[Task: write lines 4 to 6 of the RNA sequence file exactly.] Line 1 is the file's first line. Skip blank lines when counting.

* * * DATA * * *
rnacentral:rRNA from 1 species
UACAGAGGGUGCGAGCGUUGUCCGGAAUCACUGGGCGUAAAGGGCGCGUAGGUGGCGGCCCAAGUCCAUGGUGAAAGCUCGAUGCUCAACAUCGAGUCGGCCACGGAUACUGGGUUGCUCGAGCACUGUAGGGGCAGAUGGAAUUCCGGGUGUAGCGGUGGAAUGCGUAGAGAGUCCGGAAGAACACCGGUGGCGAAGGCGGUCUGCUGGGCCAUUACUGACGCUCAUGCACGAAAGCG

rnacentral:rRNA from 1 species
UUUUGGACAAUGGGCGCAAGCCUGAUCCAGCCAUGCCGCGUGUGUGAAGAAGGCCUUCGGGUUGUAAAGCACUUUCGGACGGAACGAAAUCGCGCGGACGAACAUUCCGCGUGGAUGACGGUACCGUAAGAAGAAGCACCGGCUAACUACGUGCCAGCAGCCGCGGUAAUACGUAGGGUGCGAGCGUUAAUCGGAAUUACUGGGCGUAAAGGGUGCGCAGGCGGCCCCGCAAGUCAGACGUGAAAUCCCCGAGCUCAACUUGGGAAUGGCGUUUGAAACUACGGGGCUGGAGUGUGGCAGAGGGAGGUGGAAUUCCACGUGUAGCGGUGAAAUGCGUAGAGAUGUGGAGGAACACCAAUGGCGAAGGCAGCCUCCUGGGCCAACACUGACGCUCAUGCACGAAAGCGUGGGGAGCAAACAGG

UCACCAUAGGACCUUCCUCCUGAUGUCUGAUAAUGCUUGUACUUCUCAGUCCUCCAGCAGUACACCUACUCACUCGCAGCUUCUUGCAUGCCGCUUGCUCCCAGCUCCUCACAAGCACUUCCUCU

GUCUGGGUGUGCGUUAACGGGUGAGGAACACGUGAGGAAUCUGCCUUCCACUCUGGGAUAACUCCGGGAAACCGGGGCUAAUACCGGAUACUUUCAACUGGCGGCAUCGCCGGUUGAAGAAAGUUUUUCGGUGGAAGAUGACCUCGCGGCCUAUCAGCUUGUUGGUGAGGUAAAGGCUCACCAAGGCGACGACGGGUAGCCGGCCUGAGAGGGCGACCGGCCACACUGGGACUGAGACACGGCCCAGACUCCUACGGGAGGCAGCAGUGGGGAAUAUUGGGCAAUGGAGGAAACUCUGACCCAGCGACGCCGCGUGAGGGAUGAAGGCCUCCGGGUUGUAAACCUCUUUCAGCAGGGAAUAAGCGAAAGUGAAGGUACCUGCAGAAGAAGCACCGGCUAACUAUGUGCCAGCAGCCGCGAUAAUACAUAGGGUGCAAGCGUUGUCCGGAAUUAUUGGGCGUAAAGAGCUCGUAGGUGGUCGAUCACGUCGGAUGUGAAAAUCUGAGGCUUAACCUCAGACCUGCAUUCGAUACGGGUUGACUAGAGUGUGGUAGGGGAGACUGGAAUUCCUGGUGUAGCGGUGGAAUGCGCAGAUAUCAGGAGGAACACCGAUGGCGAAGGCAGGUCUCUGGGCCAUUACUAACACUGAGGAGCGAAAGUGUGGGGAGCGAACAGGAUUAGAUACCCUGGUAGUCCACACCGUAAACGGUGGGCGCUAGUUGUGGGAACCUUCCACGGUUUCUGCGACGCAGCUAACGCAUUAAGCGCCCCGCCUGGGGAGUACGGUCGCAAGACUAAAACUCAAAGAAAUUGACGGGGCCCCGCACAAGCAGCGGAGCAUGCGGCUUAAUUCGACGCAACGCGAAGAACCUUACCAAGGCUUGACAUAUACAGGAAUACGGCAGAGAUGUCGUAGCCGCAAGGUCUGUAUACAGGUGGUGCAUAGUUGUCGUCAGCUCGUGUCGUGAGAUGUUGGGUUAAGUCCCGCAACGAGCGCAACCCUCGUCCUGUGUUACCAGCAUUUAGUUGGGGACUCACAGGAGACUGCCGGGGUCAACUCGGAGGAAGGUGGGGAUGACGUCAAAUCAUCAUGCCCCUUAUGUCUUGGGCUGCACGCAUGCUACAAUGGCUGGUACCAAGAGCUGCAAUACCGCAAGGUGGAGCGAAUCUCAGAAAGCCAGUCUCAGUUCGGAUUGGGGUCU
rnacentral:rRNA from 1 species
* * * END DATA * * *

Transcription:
UUUUGGACAAUGGGCGCAAGCCUGAUCCAGCCAUGCCGCGUGUGUGAAGAAGGCCUUCGGGUUGUAAAGCACUUUCGGACGGAACGAAAUCGCGCGGACGAACAUUCCGCGUGGAUGACGGUACCGUAAGAAGAAGCACCGGCUAACUACGUGCCAGCAGCCGCGGUAAUACGUAGGGUGCGAGCGUUAAUCGGAAUUACUGGGCGUAAAGGGUGCGCAGGCGGCCCCGCAAGUCAGACGUGAAAUCCCCGAGCUCAACUUGGGAAUGGCGUUUGAAACUACGGGGCUGGAGUGUGGCAGAGGGAGGUGGAAUUCCACGUGUAGCGGUGAAAUGCGUAGAGAUGUGGAGGAACACCAAUGGCGAAGGCAGCCUCCUGGGCCAACACUGACGCUCAUGCACGAAAGCGUGGGGAGCAAACAGG

UCACCAUAGGACCUUCCUCCUGAUGUCUGAUAAUGCUUGUACUUCUCAGUCCUCCAGCAGUACACCUACUCACUCGCAGCUUCUUGCAUGCCGCUUGCUCCCAGCUCCUCACAAGCACUUCCUCU

GUCUGGGUGUGCGUUAACGGGUGAGGAACACGUGAGGAAUCUGCCUUCCACUCUGGGAUAACUCCGGGAAACCGGGGCUAAUACCGGAUACUUUCAACUGGCGGCAUCGCCGGUUGAAGAAAGUUUUUCGGUGGAAGAUGACCUCGCGGCCUAUCAGCUUGUUGGUGAGGUAAAGGCUCACCAAGGCGACGACGGGUAGCCGGCCUGAGAGGGCGACCGGCCACACUGGGACUGAGACACGGCCCAGACUCCUACGGGAGGCAGCAGUGGGGAAUAUUGGGCAAUGGAGGAAACUCUGACCCAGCGACGCCGCGUGAGGGAUGAAGGCCUCCGGGUUGUAAACCUCUUUCAGCAGGGAAUAAGCGAAAGUGAAGGUACCUGCAGAAGAAGCACCGGCUAACUAUGUGCCAGCAGCCGCGAUAAUACAUAGGGUGCAAGCGUUGUCCGGAAUUAUUGGGCGUAAAGAGCUCGUAGGUGGUCGAUCACGUCGGAUGUGAAAAUCUGAGGCUUAACCUCAGACCUGCAUUCGAUACGGGUUGACUAGAGUGUGGUAGGGGAGACUGGAAUUCCUGGUGUAGCGGUGGAAUGCGCAGAUAUCAGGAGGAACACCGAUGGCGAAGGCAGGUCUCUGGGCCAUUACUAACACUGAGGAGCGAAAGUGUGGGGAGCGAACAGGAUUAGAUACCCUGGUAGUCCACACCGUAAACGGUGGGCGCUAGUUGUGGGAACCUUCCACGGUUUCUGCGACGCAGCUAACGCAUUAAGCGCCCCGCCUGGGGAGUACGGUCGCAAGACUAAAACUCAAAGAAAUUGACGGGGCCCCGCACAAGCAGCGGAGCAUGCGGCUUAAUUCGACGCAACGCGAAGAACCUUACCAAGGCUUGACAUAUACAGGAAUACGGCAGAGAUGUCGUAGCCGCAAGGUCUGUAUACAGGUGGUGCAUAGUUGUCGUCAGCUCGUGUCGUGAGAUGUUGGGUUAAGUCCCGCAACGAGCGCAACCCUCGUCCUGUGUUACCAGCAUUUAGUUGGGGACUCACAGGAGACUGCCGGGGUCAACUCGGAGGAAGGUGGGGAUGACGUCAAAUCAUCAUGCCCCUUAUGUCUUGGGCUGCACGCAUGCUACAAUGGCUGGUACCAAGAGCUGCAAUACCGCAAGGUGGAGCGAAUCUCAGAAAGCCAGUCUCAGUUCGGAUUGGGGUCU